Musk also showed off the autonomous cars that will transport commuters through the test tunnel, which stretches about 2 miles under the city where Musk's SpaceX is headquartered. He unveiled elevators that he says will lower user's own cars from the street to the tunnel.
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In a grand entrance, Musk came out of the mile-long tunnel in a Tesla Model X.
"What I think this really amounts to is an actual solution to the soul-crushing burden of traffic," he said. "Why tunnels? Some people say, what about flying cars and all those other things and what about mass transit - I want to be clear, we're not opposed to mass transit - we think mass transit is fine. Let's try every solution possible, but the thing about tunnels is that you can go 3-D underground."
Elevators will take drivers underground and back again, but much will still have to be done before any member of the public can even test it out.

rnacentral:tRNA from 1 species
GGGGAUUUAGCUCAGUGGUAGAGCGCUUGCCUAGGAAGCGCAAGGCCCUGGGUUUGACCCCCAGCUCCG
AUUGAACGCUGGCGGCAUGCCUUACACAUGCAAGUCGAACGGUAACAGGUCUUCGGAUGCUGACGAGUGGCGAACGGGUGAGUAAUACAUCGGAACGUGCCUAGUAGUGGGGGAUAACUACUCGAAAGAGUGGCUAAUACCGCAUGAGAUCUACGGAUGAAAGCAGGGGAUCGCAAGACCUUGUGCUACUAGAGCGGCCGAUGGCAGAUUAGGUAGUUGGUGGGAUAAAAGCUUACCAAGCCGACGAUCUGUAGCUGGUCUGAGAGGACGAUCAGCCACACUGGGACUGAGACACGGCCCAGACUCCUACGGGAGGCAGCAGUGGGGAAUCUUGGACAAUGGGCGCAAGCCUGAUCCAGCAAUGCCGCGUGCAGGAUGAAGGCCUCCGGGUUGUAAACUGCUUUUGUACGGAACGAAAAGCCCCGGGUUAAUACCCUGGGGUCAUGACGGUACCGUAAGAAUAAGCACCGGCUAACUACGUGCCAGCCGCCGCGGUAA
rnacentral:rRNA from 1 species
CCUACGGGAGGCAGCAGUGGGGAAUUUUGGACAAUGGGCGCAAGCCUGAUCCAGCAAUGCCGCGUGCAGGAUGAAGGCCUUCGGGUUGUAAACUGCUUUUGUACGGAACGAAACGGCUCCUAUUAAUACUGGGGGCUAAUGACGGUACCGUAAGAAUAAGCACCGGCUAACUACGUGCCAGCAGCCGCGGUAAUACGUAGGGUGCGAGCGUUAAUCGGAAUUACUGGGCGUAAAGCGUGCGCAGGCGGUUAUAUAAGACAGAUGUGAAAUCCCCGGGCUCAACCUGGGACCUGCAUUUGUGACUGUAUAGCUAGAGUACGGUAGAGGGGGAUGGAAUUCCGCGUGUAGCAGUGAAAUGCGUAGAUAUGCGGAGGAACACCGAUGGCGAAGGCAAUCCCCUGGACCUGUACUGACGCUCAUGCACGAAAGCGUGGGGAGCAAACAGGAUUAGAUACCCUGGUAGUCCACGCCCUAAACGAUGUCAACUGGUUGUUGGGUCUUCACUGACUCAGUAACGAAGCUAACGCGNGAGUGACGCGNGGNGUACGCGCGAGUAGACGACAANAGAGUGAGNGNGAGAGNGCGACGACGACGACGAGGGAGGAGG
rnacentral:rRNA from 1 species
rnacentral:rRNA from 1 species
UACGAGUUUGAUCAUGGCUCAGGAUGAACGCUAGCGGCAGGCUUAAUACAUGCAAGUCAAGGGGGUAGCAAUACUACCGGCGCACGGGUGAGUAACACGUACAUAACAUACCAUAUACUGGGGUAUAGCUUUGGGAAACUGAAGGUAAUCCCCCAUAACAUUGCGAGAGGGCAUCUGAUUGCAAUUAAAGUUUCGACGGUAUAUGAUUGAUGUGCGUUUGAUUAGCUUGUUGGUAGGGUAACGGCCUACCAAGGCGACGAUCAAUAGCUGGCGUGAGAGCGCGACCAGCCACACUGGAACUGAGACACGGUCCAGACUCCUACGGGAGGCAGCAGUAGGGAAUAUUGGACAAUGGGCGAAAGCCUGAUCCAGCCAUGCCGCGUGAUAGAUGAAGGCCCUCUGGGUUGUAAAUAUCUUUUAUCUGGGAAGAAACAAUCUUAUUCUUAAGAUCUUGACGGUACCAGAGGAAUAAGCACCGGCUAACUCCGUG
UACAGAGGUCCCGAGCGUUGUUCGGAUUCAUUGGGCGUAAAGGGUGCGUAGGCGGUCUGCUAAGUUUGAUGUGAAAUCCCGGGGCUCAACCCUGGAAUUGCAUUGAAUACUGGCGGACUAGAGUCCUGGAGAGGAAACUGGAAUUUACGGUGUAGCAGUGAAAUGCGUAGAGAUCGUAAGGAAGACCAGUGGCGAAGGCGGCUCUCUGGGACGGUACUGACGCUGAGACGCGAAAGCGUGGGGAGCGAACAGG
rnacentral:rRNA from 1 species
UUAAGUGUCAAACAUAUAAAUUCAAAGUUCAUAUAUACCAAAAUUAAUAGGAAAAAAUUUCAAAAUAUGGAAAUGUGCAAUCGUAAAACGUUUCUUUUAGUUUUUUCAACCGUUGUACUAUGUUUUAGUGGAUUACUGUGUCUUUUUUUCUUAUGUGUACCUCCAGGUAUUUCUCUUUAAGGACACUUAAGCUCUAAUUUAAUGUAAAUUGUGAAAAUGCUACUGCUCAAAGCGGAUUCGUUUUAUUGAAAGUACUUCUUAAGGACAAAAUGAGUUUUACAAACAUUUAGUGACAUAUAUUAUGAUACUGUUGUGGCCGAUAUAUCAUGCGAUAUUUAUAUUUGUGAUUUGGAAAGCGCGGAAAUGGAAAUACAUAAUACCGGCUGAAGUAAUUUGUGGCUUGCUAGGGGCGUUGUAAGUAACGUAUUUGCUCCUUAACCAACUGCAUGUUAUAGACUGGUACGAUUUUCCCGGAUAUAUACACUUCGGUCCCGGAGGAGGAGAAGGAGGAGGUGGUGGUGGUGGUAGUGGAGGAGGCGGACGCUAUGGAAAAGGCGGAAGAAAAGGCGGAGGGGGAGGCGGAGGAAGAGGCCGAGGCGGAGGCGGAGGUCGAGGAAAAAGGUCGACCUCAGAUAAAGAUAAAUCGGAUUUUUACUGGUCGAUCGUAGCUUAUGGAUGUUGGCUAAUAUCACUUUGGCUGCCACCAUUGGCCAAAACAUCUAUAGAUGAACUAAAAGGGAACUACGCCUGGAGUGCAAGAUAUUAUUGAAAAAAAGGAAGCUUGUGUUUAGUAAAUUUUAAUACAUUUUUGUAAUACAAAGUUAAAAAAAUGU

Musk said tunneling is slow and expensive, but the company is experimenting to create innovative technology underground to speed commute times above ground.
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He also said some of the dirt that's being dug up will be reused to reinforce the tunnels, but the company created an innovative brick-laying machine that will pump out bricks at a low cost. He hopes it can also be used for affordable housing.
The event came almost exactly two years after Musk tweeted that "traffic is driving me nuts," adding that he intended to "build a tunnel boring machine and just start digging."
Traffic is driving me nuts. Am going to build a tunnel boring machine and just start digging...— Elon Musk (@elonmusk) December 17, 2016
Some critics were skeptical. Musk responded: "I am actually going to do this."
MORE: Elon Musk tweets breakthrough of Boring Company tunnel
He subsequently founded The Boring Company. Since then he has posted photos and videos on social media that showed crews making progress on the tunnel. The one that was unveiled Tuesday is being used by Musk and the company to conduct research and development for a larger system in Los Angeles and elsewhere.
One proposed project, dubbed the Dugout Loop, would whisk baseball fans to Dodger Stadium from one of three Metro subway stations.
The Associated Press contributed to this report.
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